Interestingly, this “code” represents a statement of religion, no less than any other creed or Bible. But this “code” is coercive and punitive! If it is violated, out you go!

Shouldn’t there be a discussion about what might constitute “negative impact”? Indeed, but there is none! Conversation about alternative sexual lifestyles has increasingly been silenced by threat of reprisals.

We have battled many legal issues in this country – abolition, child labor, segregation. The battles have sometimes been contentious. Laws have been passed, and laws have been repealed. Nevertheless, the issues have been discussed openly and freely. As contentious as the struggles have sometimes been, no one’s right to express themselves is generally contested. Freedom of speech has always been the centerpiece of our democratic society. No so anymore! Expressing one’s conscience is now accompanied by threats of intimidation and even violence. Perhaps even more egregiously, the media and the universities have fallen silent before the new State religion of political correctness.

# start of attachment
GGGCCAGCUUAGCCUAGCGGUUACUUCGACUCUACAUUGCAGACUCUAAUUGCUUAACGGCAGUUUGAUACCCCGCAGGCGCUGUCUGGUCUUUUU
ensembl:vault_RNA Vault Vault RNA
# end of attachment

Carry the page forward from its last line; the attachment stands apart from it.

Keeton’s case is not unusual. According to

• “EMU (East Michigan University) dismissed [Julea] Ward from its graduate counseling program in March 2009 for not affirming homosexual behavior as morally acceptable. Ward would not agree to change her religious beliefs about homosexual behavior or express a message contrary to them during counseling sessions as a condition to receiving a degree.”

How did this happen? Ward did the appropriate and professional thing. When she was assigned a case, she immediately informed her supervisor of her conflict and requested the case be reassigned. Is that so terrible? It is ironic that we should find such intolerance in a helping professional, which so strenuously insists on tolerance for other lifestyles.

(See similar recent instances in which certain viewpoints are no longer tolerated: